Time passes. “So goes each day, like some celeschil mill,/E’er since I met that shyin’ little peach.” At the beach he declares himself. “I wish’t yeh meant it, Bill.” But this is the real thing.

That bosker feelin’ that come o’er a bloke,
An’ makes ‘im melt;
Makes ‘im all hot to maul ‘er, an’ to shove
‘Is arms about ‘er . . . Bli’me? but it’s love!

They go to see The Play. But then, is she interested in someone else? A coot in a stror ‘at? But no. He’s done her wrong. “She sung a song; an’ orl them bitter things/That chewin’ over lovers’ quarrels brings/Guv place to thorts of of sorrer an’ remorse.” And so he gets taken to meet her Mar. On the way home reality bites (but only for a moment) “An’ as I’m moochin’ ‘omeward frum the car/A sudden notion stops me wiv a jar -/Wot if Doreen, I thinks, should grow to be,/A fat ole weepin’ willer like ‘er Mar!”

We make our way through the wedding; getting looked after after coming home drunk; a visit from an Uncle who offers them the opportunity to become farmers (orchardists); and finally, a kid.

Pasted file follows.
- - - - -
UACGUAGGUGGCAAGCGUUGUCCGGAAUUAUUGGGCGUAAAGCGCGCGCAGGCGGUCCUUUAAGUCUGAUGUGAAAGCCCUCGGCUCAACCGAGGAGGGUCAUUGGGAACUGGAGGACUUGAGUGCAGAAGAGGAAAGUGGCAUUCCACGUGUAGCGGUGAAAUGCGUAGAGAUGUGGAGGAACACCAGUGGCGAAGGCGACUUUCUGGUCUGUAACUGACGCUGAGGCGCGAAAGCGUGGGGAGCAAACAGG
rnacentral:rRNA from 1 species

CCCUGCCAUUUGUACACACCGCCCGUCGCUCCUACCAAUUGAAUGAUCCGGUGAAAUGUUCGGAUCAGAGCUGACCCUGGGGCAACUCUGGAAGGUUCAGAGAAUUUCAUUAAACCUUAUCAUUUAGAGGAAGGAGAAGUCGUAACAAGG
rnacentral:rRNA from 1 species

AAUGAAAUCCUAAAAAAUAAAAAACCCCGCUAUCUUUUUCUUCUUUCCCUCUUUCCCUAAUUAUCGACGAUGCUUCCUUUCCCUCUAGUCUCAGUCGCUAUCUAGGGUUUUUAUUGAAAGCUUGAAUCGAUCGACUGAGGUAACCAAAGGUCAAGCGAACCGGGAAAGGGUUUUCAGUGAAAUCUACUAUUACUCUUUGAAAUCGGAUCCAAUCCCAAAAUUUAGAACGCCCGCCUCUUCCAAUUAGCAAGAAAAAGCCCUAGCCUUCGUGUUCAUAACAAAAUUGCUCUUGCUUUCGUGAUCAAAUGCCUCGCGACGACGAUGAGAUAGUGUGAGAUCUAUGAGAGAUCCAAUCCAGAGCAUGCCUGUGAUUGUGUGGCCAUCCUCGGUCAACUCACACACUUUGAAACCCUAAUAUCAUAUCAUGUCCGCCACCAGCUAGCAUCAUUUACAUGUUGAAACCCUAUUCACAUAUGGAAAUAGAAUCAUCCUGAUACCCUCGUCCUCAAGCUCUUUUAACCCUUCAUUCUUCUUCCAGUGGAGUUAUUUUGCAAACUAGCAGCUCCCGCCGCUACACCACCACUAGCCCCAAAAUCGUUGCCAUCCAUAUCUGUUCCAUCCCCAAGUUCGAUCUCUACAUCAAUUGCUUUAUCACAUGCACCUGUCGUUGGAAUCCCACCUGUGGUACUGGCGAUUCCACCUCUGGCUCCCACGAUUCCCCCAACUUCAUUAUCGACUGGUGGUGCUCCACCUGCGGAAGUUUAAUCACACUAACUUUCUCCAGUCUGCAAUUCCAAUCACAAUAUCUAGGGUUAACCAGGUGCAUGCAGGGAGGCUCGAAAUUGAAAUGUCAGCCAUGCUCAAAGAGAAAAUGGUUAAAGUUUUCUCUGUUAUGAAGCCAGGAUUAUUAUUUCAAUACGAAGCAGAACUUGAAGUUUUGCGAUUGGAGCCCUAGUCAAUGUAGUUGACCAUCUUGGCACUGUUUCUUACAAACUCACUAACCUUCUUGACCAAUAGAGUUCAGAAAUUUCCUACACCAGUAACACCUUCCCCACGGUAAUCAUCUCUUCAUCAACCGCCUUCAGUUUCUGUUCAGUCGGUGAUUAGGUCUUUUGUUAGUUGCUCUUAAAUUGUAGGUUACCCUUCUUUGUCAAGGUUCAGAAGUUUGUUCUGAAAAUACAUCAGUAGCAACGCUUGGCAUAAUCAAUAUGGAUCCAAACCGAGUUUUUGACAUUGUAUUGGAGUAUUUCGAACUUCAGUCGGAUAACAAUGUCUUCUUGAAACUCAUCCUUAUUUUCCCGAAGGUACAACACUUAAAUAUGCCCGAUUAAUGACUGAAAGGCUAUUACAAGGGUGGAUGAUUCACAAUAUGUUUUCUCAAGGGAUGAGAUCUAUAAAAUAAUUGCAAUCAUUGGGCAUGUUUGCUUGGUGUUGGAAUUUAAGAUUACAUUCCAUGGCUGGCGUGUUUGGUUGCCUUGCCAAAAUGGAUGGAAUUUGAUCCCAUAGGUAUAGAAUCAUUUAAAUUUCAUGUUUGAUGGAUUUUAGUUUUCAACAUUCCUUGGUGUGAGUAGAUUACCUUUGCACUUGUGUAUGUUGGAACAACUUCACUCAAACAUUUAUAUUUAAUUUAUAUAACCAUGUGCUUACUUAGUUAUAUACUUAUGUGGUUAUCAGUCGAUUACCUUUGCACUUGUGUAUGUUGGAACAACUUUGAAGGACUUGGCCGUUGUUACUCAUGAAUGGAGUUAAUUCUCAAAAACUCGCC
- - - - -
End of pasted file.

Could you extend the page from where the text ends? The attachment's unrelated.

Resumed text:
But in that stillness, as the day grows dim,
‘An I am sittin’ there wiv ‘er an’ ‘im –
My wife, my son! an’ strength in me to strive,
I only know – it’s good to be alive!

I have, from my father’s collection, the book with the cover above and thought for one moment he may have left me a first edition. But no, it’s a second edition, also 1915, inscribed by the author “CJ Dennis March 23/16”. A card has been pasted into the flyleaf to “Mr Holloway” thanking him for a gift. Not my grandfather who was then still at school but maybe my great grandfather, Edwin Holloway (1851-1923).